Summer’s over and there’s plenty of work to be done on the college hunt. Here’s a clip-and-save list of what you should be doing this fall:
Juniors & Seniors
Attend college presentations at your school – very important since the representative who comes to your school will most likely be the admission officer who will review applications from your area.
If a representative from a college that interests you is not visiting your school, contact that college’s Admission Office and find out if and when a representative will be in your area – possibly for a College Fair. Then contact the representative and see if you can set up a brief meeting.
Finish researching colleges and prepare a final college list with reach, target and safety schools.
Identify the number of essays and the specific essay prompts for each college. See if there are overlaps that allow you to use the same essay for multiple colleges.
Ask teachers in advance if they will write letters of recommendation. Prepare materials for recommenders that include Brag Sheet/Resume or other needed documents.
Make arrangements with your guidance office to send your high school transcripts and any needed guidance counselor recommendations.
Visit colleges you didn’t have a chance to see over the summer or consider revisiting colleges of particular interest. Meet with college reps who visit your school or your area.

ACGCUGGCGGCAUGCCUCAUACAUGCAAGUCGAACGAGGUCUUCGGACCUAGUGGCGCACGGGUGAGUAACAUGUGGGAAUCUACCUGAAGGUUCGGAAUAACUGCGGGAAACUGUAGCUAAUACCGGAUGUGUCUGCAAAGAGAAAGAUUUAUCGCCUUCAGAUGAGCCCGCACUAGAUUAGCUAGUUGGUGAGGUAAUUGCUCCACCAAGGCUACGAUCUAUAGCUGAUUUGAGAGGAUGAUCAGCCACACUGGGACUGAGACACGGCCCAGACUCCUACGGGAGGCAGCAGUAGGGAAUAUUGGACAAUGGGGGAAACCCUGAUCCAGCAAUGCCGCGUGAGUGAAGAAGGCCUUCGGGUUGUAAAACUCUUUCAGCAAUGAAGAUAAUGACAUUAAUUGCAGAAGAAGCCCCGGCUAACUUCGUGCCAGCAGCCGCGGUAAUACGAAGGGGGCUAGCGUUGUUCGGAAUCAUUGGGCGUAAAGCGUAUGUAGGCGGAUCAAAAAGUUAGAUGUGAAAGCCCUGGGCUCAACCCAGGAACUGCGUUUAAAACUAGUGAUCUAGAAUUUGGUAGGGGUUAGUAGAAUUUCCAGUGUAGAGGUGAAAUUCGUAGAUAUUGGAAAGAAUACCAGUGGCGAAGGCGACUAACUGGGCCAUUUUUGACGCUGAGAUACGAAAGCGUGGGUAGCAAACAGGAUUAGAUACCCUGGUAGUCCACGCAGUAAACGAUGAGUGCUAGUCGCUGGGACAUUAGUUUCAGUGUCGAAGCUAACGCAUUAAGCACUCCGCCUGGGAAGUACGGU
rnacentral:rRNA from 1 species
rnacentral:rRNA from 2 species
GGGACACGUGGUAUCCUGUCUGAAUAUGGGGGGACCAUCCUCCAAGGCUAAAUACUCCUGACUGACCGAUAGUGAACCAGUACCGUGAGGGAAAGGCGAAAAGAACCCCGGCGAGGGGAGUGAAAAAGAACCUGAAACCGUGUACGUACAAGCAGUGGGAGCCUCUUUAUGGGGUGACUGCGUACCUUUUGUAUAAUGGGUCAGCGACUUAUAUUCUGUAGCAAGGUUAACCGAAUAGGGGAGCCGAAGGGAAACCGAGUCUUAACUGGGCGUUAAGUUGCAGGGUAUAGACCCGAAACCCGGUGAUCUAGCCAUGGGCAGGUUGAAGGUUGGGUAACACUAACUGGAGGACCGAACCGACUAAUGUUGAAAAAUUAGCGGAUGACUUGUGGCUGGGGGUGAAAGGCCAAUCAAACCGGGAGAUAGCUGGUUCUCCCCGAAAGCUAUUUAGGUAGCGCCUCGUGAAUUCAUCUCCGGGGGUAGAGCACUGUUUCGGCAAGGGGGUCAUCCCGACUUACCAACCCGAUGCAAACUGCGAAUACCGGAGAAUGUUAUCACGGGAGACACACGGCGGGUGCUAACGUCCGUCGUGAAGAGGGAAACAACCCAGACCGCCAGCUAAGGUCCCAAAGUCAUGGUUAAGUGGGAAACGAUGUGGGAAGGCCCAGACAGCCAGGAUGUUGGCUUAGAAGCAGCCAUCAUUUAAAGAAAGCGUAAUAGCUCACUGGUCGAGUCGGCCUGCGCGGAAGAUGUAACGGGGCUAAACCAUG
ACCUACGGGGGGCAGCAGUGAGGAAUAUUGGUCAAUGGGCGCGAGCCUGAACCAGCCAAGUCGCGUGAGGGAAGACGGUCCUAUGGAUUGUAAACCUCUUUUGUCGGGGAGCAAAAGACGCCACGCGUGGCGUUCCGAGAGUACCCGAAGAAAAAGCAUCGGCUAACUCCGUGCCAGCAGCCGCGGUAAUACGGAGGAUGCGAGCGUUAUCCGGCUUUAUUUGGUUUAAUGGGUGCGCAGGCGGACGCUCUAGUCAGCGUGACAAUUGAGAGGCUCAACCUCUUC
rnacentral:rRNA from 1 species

Prep for the ACT, SAT and SAT Subject Tests as needed. Register before deadlines and have official test scores sent by the testing agency to colleges if required.
Discuss realistic financial commitments with parents. Explore financial aid and scholarships.
Study, study, study – first semester grades count.
Visit colleges when traveling, take campus tours and sit in on college info sessions.
Attend college seminars, financial aid workshops, etc. to get up to speed on the process.
Take PSAT practice tests to boost performance on the October PSAT that serves as the National Merit Scholarship Qualifying Test.
Meet with your guidance counselor to review senior courses.
Create an academic portfolio – save essays and projects that you might reference in your applications.
Seek out leadership opportunities in your activities.
And of course, study, study, study. Remember that colleges don’t see any senior year grades when students apply for either Early Action or Early Decision– so junior year grades carry a lot of weight.
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